On February 22, the annual Middle School African American Leadership conference was presented by Clovis Unified School District. The event was live streamed on CUSD’s website.
The first key speaker for the conference was Joanne Bland from Selma, Alabama. She is an activist who participated during the 1960s civil rights movement.
Bland was actively involved in the Student Nonviolent Coordinating Committee (SNCC), a civil rights movement group. It was led by young African Americans and their mission was to campaign against segregation.
During her presentation, she spoke about the events of March 7, 1965, known as Bloody Sunday.
That day, 600 civil rights activists including Bland planned to begin a 54-mile march from Selma to Montgomery, the capital of Alabama. The march was a movement to give African Americans the right to vote and to protest social injustice.
The march abruptly ended when they were met by state troopers after crossing the Edmund Pettus Bridge just south of Selma. Troopers attempted to disband the marchers telling them to return home. When the marchers refused, the event quickly turned violent as troopers began shoving and beating the marchers.
She remembers tear gas canisters fired upon them by state troopers and how she could not breathe as her lungs filled with gas.
“If you could outrun the men on foot, you couldn’t outrun the men on horse,” said Bland.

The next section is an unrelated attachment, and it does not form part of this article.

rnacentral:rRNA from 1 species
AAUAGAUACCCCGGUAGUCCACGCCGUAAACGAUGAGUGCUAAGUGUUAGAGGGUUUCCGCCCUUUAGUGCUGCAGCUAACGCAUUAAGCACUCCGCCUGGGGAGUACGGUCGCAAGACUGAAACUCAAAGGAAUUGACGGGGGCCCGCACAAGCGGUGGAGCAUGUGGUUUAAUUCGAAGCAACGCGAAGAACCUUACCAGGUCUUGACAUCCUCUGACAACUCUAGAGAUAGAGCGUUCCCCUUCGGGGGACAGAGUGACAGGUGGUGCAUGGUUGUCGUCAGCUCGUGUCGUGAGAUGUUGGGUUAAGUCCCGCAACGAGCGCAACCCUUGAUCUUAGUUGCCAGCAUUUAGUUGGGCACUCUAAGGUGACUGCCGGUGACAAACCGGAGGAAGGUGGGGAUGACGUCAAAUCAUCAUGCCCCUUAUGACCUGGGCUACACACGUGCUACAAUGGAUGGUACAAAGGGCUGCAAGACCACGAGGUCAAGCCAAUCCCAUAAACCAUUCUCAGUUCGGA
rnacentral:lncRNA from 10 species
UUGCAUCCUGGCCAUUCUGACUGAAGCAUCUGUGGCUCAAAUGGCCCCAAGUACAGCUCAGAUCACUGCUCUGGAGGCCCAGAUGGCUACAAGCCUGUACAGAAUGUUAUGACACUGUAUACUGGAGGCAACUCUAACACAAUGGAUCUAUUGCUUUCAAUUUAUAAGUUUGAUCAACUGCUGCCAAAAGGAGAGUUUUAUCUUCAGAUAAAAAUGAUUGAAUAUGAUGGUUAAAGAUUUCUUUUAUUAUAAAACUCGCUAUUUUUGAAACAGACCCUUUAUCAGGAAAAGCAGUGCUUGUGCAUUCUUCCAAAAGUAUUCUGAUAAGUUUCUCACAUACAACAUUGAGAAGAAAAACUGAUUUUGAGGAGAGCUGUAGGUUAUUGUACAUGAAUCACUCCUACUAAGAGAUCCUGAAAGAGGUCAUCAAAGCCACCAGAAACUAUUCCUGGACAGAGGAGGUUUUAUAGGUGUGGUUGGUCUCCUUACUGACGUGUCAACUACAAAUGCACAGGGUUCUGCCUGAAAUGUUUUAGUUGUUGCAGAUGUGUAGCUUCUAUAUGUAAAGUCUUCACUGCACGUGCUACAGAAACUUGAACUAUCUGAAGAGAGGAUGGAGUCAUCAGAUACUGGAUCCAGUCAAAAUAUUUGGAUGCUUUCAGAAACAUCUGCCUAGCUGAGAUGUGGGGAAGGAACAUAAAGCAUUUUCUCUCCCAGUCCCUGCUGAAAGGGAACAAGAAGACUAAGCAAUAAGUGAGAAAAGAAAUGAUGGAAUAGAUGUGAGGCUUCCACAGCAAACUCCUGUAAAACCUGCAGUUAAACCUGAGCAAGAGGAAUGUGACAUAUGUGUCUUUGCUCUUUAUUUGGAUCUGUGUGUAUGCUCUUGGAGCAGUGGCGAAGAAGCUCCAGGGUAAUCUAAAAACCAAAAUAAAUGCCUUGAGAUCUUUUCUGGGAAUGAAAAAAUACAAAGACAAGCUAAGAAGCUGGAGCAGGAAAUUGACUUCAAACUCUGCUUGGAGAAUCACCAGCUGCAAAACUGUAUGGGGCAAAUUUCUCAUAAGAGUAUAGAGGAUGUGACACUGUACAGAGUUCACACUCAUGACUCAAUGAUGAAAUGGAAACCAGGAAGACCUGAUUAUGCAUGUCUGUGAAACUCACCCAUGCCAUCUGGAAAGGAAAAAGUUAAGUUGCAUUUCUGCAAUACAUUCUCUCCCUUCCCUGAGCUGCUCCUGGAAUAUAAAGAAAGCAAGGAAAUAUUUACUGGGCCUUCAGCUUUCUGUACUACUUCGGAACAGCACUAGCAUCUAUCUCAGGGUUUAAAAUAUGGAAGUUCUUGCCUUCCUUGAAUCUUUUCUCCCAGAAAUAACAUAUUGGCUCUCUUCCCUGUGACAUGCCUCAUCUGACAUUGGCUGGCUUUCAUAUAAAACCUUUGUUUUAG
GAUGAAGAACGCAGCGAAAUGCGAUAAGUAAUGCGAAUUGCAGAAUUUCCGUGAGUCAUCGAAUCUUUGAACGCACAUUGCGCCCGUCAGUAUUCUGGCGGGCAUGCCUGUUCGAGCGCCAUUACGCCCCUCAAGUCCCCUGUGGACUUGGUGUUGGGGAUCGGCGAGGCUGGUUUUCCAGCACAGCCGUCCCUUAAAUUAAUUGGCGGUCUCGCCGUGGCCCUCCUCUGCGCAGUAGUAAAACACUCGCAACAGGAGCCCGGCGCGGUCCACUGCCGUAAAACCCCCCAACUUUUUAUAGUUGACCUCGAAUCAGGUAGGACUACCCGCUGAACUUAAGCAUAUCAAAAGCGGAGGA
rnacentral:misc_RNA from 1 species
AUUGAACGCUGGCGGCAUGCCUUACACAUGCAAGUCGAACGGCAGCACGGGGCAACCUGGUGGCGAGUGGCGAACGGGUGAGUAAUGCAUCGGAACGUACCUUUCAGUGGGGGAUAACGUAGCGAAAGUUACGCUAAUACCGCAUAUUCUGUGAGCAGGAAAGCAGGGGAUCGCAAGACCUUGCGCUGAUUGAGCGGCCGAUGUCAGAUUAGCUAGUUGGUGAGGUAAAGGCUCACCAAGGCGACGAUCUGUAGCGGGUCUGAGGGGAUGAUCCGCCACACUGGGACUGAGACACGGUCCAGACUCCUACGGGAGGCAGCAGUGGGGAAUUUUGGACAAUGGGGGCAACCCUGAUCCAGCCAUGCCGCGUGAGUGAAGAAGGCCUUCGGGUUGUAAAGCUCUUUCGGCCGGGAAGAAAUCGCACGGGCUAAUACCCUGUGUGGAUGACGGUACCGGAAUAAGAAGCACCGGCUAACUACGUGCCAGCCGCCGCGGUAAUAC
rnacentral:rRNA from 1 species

After the violent incident, dozens of marchers were injured or hospitalized. The event shocked the world.
Bland said she would not be the person she is today without facing adversity.
“When I see injustice no matter where it is, regardless of color, as long as they are human, I’ve tried to fight,” said Bland.
Questions were asked by several students, one being Inaya Johnson of Granite Ridge Intermediate.
“When it felt like all hope was lost, what strived you to continue to be determined about making a change?” asked Johnson.
“I never totally felt hopeless,” responded Bland. She stated she made it her mission to create equality.
The second keynote speaker was Joan Trumpauer Mulholland. She began her activism during her young adult years.
She is best known for her participation in the Jackson Woolworth Sit-in in Jackson, Mississippi.
On May 28, 1963, three black activists, Anne Moody, Pearlena Lewis, and Memphis Norman, sat down at the lunch counter inside Woolworth’s restaurant. A crowd quickly gathered and for hours, they berated and assaulted the activists.
Mulholland was the first white person to join them in their demonstration.
“I knew when I had the chance to do something to make the south the best it could be, I would seize the moment,” said Mulholland.
Jordyn Sanders, a student from Kastner Intermediate, asked, “how far were you willing to go to make a change in society?”
“Once you’re in it, you can only go forward. The movement became family, we weren’t going to let each other down, so whatever it took,” said Mulholland.
The month of February is Black History Month. It is a time to reflect upon our nation’s history and a time to celebrate the achievements of African-Americans.
To watch the leadership conference, click here.